Rather than what would happen in a public school where the MinEd would appoint someone to run the school and get it on their feet.

                      Man that new charter school system sound efficient! An efficient way to allow someone to rort money from taxpayers without any real way to account for it. That was the actual objection – not this fantasy one you just made up.

                    • McFlock

                      lol

                      You don’t give people an ultimatum if they’re doing a good job.

                      And to be doing so badly when they’re not even held to the same requirements as other schools makes it even more damning.

                      by the way, did you just say that I was being proven wrong because of how you paraphrased what other people have said? [slow clap]

                    • English Breakfast

                      “You mean that they are going to close the school with all of the sunk startup costs and lose most of it. Good taxpayers money for someone.

                      Rather than what would happen in a public school where the MinEd would appoint someone to run the school and get it on their feet.”

                      Actually no-one knows what will happen yet. But thanks for admitting that public schools get extra support to stay open. Charter Schools fall and rise on their own merits. That’s true accountability.

            • One Anonymous Bloke 21.1.2.1.1.2

              with their own money on the line, the operators of Charter and private schools are a lot less likely to let their schools fail.

              Dogma based prediction already proven wrong: 20% failure rate so far for Charter schools and private schools getting bailed out by the taxpayer.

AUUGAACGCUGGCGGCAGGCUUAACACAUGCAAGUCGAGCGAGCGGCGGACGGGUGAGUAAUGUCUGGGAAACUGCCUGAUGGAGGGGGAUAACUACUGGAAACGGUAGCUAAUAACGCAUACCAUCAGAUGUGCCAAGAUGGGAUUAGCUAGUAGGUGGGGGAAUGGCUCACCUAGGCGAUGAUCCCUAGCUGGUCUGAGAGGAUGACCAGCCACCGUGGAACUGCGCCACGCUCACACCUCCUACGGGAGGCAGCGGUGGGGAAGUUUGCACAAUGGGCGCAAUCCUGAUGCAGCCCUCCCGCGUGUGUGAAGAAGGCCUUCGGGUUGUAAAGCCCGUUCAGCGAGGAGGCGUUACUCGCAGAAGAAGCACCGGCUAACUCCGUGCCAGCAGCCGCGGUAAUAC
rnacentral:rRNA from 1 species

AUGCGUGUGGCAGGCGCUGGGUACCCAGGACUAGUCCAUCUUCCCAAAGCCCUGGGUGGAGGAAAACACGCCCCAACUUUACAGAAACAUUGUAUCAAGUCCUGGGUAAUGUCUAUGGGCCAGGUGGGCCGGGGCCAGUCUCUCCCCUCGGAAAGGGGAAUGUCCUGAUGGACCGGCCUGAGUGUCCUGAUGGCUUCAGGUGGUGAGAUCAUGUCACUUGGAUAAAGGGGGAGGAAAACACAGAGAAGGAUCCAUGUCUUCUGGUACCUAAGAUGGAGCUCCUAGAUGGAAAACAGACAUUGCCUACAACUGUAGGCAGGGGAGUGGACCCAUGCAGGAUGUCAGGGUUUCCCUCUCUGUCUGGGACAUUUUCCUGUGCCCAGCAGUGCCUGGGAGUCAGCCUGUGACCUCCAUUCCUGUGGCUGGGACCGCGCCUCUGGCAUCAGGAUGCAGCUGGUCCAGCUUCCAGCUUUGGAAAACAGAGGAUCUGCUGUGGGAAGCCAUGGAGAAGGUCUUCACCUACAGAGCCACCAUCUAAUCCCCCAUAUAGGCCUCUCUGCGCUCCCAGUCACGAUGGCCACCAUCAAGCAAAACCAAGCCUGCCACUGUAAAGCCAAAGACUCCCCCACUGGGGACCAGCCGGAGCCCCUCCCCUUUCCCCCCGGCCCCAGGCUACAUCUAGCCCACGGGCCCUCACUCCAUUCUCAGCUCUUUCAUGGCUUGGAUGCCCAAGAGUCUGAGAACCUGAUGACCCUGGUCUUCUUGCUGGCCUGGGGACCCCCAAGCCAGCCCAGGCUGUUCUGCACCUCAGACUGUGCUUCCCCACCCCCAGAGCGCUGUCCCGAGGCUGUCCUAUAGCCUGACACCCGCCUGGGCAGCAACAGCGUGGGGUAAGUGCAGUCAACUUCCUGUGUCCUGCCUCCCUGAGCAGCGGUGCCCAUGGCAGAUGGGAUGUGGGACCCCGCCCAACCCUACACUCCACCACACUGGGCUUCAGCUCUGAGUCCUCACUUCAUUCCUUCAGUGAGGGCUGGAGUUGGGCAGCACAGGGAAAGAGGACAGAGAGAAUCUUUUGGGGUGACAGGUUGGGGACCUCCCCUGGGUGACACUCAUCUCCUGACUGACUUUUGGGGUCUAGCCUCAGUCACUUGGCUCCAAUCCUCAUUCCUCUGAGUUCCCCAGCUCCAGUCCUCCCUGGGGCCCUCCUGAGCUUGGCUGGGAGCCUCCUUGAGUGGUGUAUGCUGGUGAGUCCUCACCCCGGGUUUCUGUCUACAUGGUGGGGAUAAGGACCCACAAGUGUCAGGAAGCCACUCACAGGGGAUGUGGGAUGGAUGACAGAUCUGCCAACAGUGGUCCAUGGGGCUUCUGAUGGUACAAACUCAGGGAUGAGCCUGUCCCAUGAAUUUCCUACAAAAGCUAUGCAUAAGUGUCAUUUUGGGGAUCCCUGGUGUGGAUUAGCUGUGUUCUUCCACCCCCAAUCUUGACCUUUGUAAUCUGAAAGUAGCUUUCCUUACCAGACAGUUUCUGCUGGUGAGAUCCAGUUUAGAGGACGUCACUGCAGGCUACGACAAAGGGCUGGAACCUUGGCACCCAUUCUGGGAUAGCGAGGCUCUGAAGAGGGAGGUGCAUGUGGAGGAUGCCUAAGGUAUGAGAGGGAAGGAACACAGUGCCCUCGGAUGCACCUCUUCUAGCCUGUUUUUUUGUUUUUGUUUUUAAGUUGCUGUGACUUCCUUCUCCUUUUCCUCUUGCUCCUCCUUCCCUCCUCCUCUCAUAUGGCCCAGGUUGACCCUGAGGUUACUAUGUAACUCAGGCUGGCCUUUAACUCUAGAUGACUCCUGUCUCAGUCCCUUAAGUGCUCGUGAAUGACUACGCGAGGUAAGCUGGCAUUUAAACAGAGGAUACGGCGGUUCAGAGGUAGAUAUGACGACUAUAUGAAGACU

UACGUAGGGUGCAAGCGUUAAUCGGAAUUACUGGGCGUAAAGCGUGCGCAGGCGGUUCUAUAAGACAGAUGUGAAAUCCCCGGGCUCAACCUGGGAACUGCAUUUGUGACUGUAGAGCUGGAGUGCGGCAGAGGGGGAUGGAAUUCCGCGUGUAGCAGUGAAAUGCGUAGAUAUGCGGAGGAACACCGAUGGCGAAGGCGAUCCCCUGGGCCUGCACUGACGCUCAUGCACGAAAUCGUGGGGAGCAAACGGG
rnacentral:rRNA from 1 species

• English Breakfast

                No Charter School has ‘failed’. One is in trouble, as are many public schools. And how many private schools have been bailed out? Wanganui Collegiate? Who else?

                • One Anonymous Bloke

                  Are you completely and utterly ignorant of this topic much.

                  Registered private schools receive govt. funds.

        • One Anonymous Bloke 21.1.2.2

          No. That’s why there’s an ERO: because no-one apart from your strawman is “fine with it”.

          Your strawman is evidence of something. Can you guess what that is?

    • English Breakfast 21.2

      Well said. Opposition to Charter Schools is rooted in a deep desire to control, and a fear of parents actually enjoying and exercising choice. It is irrational, and before long will be seen for the nonsense that it is.

      • repateet 21.2.1

        Saying “Charter Schools are a progressive innovation”, parents “exercising choice” as if that were important, then using ‘irrational” poses other questions.

        Why has the State system become more and more compliance driven from Wellington, and schools, managed by parents, given less and less choice about doing it their own local ways?

        If Parata and her former colleague who rabbited on about innovation and freedom (John Banks) were so concerned about those things, why did they pursue tighter strait jacketing of schools?

        • English Breakfast 21.2.1.1

          “Why has the State system become more and more compliance driven from Wellington, and schools, managed by parents, given less and less choice about doing it their own local ways?”

          Evidence?

          • Sacha 21.2.1.1.1

            Notional standards, for one.

            • English Breakfast 21.2.1.1.1.1

              Are you seriously suggesting that providing parents with a national benchmark for how their child is performing is a ‘bad’ thing?

              • One Anonymous Bloke

                Yes. It’s a shit policy that damages education. Oh, and it doesn’t matter how many times you claim it’s a national benchmark: it’s neither.

                Still waiting for the place on Earth where your lies came true.

                • English Breakfast

                  So telling parents how their children are performing is a shit policy in your world? Gee, let’s not get the parents involved eh?

              • One Anonymous Bloke

                Listen to the sound of the goalposts move – first the wingnut gimp says choice is good, then the wingnut gimp says teach to the test.

                Mutually exclusive lies.

              • Sacha

                As farmers have known for centuries, constantly weighing the pig distracts from feeding it. ‘Teaching to the test’ has been analysed plenty overseas. Not pretty.

                • English Breakfast